Open Letter to Congress: 2013-10-01 Government Shutdown

TO: All Republican members of the U.S. House of Representatives and Senate

CC: All Democratic members of the U.S. House of Representatives and Senate; President Barack Obama

As an American, I am disappointed. This government shutdown was entirely avoidable and unnecessary. No matter how bad or how expensive ObamaCare is, allowing ObamaCare to be linked to the shutdown was not a good tactic. At this point, while the shutdown makes all of Congress look bad, the Republican Party is unfairly taking the majority of the blame due to this association, despite the obstructionist tactics of the Democrats and the President.

I agree that ObamaCare should not be allowed to continue as it is. It needs to be updated, dismantled, changed, defunded, or whatever makes the most sense. However, this should be done as part of a much larger discussion on fiscal reform in general. Fiscal irresponsibility is the illness afflicting this nation and expensive programs (such as ObamaCare) are the symptoms.

ObamaCare is an incredibly expensive bill. I know because I have watched my health benefits (along with countless other Americans’ benefits) shrink in order to pay for it. If it wasn’t so costly, why did so many Americans need to be directly or indirectly taxed to pay for it? And yes, any time the government passes a law that increases government funds at the expense of the citizens’ funds, that is a tax. That is where the Republicans in congress have lost focus and is why the Democrats are laying most of the blame at your feet.

What needs to be done now (and should have been done earlier) is quite simple.

First, no matter how bad ObamaCare is, remove nearly all mentions of ObamaCare from all talking points and all negotiations. The only acceptable mention I see is as an example of an expensive government program (of which ObamaCare, onerous as it may be, is but one of many).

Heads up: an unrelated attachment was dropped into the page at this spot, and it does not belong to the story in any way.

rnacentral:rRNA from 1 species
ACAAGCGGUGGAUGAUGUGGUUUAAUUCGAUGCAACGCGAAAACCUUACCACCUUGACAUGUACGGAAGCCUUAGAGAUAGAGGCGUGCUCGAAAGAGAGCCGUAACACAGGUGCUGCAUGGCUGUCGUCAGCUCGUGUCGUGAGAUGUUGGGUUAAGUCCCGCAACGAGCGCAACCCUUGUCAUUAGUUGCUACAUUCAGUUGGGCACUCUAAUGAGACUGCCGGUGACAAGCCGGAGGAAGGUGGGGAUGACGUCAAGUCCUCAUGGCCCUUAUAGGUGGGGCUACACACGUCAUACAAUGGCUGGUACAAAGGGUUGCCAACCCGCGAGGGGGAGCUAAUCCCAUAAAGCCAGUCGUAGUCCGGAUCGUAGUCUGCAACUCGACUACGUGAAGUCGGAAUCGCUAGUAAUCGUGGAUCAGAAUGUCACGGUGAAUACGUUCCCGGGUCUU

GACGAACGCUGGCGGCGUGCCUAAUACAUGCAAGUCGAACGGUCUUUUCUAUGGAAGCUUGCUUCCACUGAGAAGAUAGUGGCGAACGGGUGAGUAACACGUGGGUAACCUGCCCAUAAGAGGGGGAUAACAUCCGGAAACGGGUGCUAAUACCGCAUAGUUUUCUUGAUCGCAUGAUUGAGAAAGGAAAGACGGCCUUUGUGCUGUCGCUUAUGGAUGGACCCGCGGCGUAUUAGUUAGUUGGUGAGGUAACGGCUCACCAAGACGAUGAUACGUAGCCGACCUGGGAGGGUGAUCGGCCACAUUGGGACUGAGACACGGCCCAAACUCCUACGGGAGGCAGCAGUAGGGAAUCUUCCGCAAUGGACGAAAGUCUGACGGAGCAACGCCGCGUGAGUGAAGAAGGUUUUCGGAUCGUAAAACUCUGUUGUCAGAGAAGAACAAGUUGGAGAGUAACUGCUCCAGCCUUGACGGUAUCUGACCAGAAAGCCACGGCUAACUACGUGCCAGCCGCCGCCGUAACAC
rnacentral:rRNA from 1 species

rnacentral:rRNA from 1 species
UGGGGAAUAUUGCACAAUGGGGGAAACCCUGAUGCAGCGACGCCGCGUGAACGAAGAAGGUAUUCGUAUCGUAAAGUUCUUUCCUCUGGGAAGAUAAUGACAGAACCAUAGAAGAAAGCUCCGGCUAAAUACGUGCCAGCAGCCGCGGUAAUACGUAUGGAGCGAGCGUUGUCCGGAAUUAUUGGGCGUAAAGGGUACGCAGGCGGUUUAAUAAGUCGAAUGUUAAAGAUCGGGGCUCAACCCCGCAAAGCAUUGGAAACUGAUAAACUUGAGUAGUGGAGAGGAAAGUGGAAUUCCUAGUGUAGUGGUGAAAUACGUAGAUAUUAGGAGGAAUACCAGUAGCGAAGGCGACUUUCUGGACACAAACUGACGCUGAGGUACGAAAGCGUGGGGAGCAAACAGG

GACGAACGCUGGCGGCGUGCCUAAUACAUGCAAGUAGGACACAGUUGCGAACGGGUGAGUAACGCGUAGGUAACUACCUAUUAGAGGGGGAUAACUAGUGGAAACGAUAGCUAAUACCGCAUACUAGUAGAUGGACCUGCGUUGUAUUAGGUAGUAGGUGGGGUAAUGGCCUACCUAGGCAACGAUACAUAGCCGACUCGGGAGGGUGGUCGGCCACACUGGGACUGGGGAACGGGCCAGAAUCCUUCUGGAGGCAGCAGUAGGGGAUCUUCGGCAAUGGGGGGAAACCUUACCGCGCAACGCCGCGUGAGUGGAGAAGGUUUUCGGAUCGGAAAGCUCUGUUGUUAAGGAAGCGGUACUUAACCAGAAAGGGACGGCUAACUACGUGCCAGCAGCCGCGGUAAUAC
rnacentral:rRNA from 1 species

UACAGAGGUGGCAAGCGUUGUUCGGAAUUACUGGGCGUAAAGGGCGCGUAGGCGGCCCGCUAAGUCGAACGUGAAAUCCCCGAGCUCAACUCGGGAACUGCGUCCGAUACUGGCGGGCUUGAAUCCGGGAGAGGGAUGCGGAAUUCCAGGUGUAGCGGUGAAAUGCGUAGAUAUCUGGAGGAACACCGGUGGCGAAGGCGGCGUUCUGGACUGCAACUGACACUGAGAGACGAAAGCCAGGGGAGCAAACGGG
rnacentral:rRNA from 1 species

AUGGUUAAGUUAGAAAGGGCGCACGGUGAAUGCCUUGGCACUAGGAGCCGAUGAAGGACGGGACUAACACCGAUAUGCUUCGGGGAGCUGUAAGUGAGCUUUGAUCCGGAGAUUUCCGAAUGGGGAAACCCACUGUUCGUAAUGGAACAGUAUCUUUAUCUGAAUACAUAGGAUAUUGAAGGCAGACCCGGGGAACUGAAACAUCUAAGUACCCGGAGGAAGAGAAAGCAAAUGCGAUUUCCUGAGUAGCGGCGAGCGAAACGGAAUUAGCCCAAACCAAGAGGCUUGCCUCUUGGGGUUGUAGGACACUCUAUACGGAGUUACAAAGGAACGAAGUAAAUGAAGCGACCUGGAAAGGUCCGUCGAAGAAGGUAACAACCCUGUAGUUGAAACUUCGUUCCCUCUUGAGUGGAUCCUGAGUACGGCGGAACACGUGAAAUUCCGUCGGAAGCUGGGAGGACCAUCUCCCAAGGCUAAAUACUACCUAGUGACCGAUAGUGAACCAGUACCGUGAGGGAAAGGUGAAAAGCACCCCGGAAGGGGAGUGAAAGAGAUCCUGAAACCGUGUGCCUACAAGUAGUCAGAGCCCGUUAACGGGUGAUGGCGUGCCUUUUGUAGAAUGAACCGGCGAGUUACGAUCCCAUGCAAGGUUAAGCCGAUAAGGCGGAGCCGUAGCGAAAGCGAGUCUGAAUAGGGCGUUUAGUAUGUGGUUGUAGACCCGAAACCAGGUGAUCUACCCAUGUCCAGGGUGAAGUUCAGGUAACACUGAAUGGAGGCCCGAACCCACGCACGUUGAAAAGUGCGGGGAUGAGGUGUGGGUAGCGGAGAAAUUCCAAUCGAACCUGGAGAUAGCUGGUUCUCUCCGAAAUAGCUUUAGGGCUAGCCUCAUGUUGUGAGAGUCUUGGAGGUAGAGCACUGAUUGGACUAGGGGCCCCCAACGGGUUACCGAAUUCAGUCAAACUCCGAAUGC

Second, focus entirely on fiscal responsibility. Specifically, I would offer to fund the government with only one condition: No debt ceiling increase. Ideally it would be nice to require the debt to decrease, but sadly that’s not likely to get agreement from those who are all too eager to spend.

This turns the tables completely. The focus now shifts squarely to any Democrats who are trying for some incomprehensible reason to spend us into bankruptcy. How can anyone justify increasing deficit spending when we are already so deep in debt? As I’ve often heard said, “The first rule of holes is this: When you find yourself in one, stop digging.” Congress needs to sit down around the American kitchen table and separate the needs from the wants. Then, regardless of how fond anyone may be of the wants, some of them need to be cut.

Increasing income is the only other way to pay for wants, but I (and many other Americans) question the logic of raising taxes just to pay for wants (which are already determined to be unnecessary). For the good of those most affected by this shutdown (as well as your own political futures), please shift focus to the primary issue of fiscal responsibility and allow the government to resume operations.


Carl Bohman
1st Congressional District of Virginia